June 24, 2006

Calling China. Please, Would You Mind Sharing Information on Epidemics a Little Bit Faster? We Call That Ethics

A couple of days ago, the New England Journal of Medicine announced that it had accepted an article from eight Chinese scientists reporting that, upon retesting, a man initially thought to have died from SARS during the 2003 epidemic actually succumbed to avian flu (H5N1). If confirmed, this case would represent the earliest reported case of human bird flu infection on the Chinese mainland, approximately two years before the first official Chinese case of H5N1. Shortly after the issue had already gone to press, however, the lead author had reportedly sent several emails to the Journal asking that the manuscript be withdrawn. In a Hitchcockian (or perhaps Orwellian) twist, the New York Times reveals that the request to withdraw the paper now appears bogus.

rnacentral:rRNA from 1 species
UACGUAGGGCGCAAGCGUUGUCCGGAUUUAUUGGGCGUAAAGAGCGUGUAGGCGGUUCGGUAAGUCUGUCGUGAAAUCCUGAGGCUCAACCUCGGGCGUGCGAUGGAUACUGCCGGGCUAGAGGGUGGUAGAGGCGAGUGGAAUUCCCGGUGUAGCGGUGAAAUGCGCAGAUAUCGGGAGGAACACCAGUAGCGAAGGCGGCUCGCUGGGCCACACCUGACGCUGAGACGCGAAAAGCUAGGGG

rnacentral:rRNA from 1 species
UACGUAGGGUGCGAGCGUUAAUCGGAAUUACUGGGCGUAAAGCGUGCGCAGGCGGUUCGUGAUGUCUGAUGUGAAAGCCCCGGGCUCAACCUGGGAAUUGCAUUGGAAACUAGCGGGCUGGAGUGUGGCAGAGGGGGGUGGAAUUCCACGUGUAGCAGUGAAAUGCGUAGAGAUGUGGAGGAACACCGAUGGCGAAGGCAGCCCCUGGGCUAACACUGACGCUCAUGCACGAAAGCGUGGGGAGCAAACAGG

The important question now is whether or not Chinese officials were directly involved. If so, they clearly have not heeded the lessons of 2003 when the public health community was outraged to learn the Chinese government hid dozens of SARS-related deaths with its months-long public denial of the epidemic. When millions or even billions of lives are at stake, public health should not be treated like a playground insult: “Nyah nyah! Your country has avian flu.” “Does not.” “Does too.”
- Sean Philpott, PhD, MS Bioethics, new Associate Director of AMBI

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